2. Establish a Nighttime Routine
Humans are creatures of habit. Sleep is no exception. If you want to fall asleep at the same time every night, you must establish a nighttime routine. Take a shower, have a light snack, read a book and turn off the lights. You might be able to fall asleep with the TV on, but your quality of sleep will greatly diminish.
You could also enter relaxation mode with some soothing music or white noise. There are many eight-hour videos on YouTube of soothing sounds that can help you fall asleep and stay asleep.
3. Set Only One Alarm
Setting a dozen alarms isn’t going to help you get up early. On the contrary, it encourages you to hit the snooze button and stay in bed longer. It gives you an excuse to put off your morning responsibilities, if only for a few more minutes. Set a singular alarm and stick to it. After a few weeks, your body will learn to naturally wake up at the same exact time every day.
4. Apply the 30-Minute Electronics Rule
This advice applies to mornings and evenings. Avoid using your electronics at least 30 minutes before bed and 30 minutes after waking up. Give your body time to settle down and wake up instead of exposing your eyes to artificial light. This could be a big ask if you have to use electronics for work or other responsibilities, but you should at least try it before knocking it.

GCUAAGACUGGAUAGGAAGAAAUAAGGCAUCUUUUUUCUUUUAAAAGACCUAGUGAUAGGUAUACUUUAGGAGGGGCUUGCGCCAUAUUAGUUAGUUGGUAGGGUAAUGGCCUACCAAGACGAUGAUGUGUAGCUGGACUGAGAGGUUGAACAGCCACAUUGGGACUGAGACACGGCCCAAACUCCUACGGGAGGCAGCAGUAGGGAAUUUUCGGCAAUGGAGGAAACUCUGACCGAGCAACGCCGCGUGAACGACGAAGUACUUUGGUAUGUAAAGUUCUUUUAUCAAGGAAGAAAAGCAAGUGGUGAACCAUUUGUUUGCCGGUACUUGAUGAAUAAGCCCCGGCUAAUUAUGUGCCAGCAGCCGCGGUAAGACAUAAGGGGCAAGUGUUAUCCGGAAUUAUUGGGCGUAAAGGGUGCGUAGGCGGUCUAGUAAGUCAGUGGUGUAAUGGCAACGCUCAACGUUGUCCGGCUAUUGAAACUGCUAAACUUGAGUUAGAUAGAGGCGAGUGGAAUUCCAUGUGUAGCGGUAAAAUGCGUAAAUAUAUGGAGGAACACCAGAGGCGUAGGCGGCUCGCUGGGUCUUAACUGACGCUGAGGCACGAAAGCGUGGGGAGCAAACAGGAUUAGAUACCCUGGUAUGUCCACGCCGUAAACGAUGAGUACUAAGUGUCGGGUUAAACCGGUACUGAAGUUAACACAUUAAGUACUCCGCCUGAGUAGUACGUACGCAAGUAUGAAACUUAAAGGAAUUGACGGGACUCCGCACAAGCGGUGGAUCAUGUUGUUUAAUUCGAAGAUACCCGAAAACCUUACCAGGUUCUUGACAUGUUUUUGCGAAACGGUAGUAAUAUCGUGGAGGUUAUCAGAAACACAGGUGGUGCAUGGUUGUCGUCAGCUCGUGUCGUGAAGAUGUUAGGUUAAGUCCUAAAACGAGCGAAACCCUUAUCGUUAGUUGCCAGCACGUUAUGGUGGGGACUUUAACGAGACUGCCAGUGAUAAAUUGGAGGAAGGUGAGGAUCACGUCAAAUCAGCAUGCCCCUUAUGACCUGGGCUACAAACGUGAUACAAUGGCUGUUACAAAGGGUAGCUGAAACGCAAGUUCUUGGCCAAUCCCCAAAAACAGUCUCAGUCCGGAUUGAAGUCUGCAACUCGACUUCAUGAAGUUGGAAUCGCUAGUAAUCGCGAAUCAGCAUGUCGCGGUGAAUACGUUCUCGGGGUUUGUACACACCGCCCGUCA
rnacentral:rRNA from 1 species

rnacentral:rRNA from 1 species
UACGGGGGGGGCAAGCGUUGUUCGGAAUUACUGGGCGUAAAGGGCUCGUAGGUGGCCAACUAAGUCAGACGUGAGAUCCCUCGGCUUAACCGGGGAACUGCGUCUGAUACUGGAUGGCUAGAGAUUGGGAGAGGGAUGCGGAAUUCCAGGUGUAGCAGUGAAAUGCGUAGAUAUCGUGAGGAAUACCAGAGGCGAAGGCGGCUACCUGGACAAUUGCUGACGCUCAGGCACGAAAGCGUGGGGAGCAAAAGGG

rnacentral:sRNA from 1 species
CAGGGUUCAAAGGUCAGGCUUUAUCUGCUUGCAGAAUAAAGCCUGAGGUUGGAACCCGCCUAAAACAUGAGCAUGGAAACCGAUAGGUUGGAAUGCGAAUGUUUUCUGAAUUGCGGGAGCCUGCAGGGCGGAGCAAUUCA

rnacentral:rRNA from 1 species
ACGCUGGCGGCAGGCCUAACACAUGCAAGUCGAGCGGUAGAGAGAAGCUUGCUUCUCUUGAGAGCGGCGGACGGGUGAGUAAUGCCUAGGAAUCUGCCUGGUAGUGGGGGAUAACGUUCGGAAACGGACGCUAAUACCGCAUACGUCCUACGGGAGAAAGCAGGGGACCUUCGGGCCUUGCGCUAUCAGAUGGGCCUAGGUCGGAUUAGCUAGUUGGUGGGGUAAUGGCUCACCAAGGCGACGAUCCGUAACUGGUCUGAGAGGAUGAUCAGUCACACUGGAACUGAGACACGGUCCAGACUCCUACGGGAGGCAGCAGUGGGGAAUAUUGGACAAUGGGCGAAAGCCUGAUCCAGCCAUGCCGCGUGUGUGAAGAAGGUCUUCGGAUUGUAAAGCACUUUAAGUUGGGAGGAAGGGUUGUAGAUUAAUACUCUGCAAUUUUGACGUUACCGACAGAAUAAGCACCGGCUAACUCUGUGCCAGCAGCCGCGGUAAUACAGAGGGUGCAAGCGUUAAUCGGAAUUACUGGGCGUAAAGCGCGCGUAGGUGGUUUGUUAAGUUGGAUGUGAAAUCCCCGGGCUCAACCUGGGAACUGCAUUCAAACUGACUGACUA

5. Let in the Sunlight
Sunlight plays a huge role in helping you learn how to get up early. It’s a natural alarm clock that boosts your mood and gives you energy. Walking outside during the sunrise is a much better way to start the day than scrolling through your phone. Instead of pulling the blinds and turning your room into a cave, leave a small opening for the sunlight to seep through.
You’ll find it easier to wake up from a silent sunrise than a blaring alarm. Why shock yourself awake when you don’t have to? Start your day off with something more peaceful.
6. Don’t Rely on Napping
As we mentioned in the opening section, you can’t “make up” for lost sleep by taking naps. Your body needs eight uninterrupted hours to get back on track. You can’t compensate for your poor nighttime habits by napping the next day. Napping on occasion is fine, but make sure you keep it under an hour and don’t do it too close to bedtime.
7. Be Patient With Bedtime Adjustments
Your body won’t grow accustomed to getting up early overnight (pun absolutely intended). It will take at least a few weeks to optimize your bedtime routine, clean up your other lifestyle habits and learn how to get up early without assistance from alarms. Start with a minor adjustment, such as waking up at 9:30 instead of 10:00, and make small improvements from there.
Sleep Shouldn’t Be a Chore
Sleep shouldn’t be a chore for anyone, no matter how busy or energetic they are. If you’re struggling to establish a healthy sleep schedule, you aren’t a “night owl”. You are simply neglecting many factors, including diet, exercise and sleep environment. Clean up the rest of your daily habits and your sleep will follow suit.